BANGOR, Maine — As the clock winds down before Election Day, candidates are traveling across the state this weekend for a final campaign push to get voters to the polls.
On Saturday afternoon, Gov. Janet Mills visited a "Get Out the Vote" canvass launch in Bangor.
Mills helped rally campaign volunteers across the state who are going door to door talking to their neighbors to make sure their voices are heard this election season.
According to a press release, the Maine Democratic Party has signed up thousands of volunteers to go door to door in all of Maine's 16 counties this week.
When asked what she thinks will be the determining factor to winning this election, Mills said she believes it will all come down to voting for who they believe is telling the truth and being straight with people.
"We've got serious problems, we know that. We have the price of gas and oil and groceries and whatnot, and people are worried. I'm worried, too. But I offer a brand of leadership that has helped in the past and will help in the future get us through troubled times," Mills said.
Following the event in Bangor, the governor made a few additional stops throughout the state before ending her day in Farmington for another Get Out the Vote meet and greet.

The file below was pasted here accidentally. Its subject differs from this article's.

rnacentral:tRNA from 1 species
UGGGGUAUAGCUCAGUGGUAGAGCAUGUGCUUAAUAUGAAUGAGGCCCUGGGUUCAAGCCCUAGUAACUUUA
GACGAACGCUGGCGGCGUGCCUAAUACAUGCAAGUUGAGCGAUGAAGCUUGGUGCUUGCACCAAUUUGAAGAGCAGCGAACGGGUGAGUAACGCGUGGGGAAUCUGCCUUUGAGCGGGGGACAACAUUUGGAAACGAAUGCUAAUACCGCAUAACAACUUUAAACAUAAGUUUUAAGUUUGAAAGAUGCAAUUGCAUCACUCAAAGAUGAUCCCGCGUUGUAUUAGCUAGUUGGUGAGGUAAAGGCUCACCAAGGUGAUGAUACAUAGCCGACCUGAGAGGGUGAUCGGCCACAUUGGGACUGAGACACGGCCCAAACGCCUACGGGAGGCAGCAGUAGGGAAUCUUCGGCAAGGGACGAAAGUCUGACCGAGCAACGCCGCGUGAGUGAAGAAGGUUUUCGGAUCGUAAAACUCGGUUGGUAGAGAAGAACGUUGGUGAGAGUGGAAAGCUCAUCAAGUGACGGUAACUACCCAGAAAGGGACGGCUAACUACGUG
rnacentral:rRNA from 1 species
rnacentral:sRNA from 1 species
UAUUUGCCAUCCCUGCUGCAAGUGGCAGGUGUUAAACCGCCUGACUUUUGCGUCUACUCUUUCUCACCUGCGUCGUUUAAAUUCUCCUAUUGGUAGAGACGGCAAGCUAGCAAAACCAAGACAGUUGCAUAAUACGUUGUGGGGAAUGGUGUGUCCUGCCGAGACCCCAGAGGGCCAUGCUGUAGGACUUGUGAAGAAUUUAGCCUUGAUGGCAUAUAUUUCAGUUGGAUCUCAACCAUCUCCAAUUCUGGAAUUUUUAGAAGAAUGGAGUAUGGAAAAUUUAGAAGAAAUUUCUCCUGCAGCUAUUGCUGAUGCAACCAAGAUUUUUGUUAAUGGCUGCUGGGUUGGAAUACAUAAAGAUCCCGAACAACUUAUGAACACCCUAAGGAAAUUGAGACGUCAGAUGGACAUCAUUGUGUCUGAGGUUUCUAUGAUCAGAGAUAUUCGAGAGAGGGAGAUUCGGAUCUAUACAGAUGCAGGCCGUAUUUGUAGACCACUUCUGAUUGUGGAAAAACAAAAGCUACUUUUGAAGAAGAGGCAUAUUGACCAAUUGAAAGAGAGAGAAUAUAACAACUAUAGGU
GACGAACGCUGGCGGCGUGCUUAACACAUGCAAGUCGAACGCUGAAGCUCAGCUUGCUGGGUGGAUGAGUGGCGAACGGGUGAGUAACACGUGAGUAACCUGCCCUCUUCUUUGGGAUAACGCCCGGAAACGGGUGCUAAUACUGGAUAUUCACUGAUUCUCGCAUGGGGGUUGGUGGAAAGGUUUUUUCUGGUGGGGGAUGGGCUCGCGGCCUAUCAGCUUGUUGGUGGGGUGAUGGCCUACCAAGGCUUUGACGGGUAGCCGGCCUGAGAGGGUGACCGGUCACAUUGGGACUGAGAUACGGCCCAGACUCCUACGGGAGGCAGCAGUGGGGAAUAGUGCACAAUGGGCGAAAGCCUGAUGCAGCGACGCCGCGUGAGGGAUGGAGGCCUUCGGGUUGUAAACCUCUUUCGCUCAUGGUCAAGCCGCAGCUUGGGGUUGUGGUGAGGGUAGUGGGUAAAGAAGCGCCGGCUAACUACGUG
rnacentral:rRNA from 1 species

Her top challenger, former Republican Governor Paul LePage spoke at a similar event in Lewiston at the Maine GOP Multicultural Community Center in Lewiston.
LePage, Congressional candidate Bruce Poliquin, and local state legislators spoke to a crowd of supporters and volunteers as they make their final push to contact voters three days before Election Day.
The former Governor kicked off the event by thanking the men and women who spent the last few weeks and months knocking on doors, sending mailers, and setting up campaign events.
"I will tell you, we cannot win without you, doing your enormous job at knocking doors, making calls [because] you're the ground game and the ground game is where it's all about," LePage said to the crowd.
LePage also said this has been a "horrific campaign" in reference to the attack ads that have flooded Maine's air and radiowaves. He said regardless of the outcome next week, Mainers and Americans need to work together and treat each other with respect.
"We as people need to fight against divisiveness," he added. "Now, the job is, let's break away from divisiveness, let's make Maine a great place to live."
After his remarks, Poloquin, and the local legislators took the podium. GOP volunteers then hit the streets of Maine to make their final rounds of door-knocking ahead of Tuesday,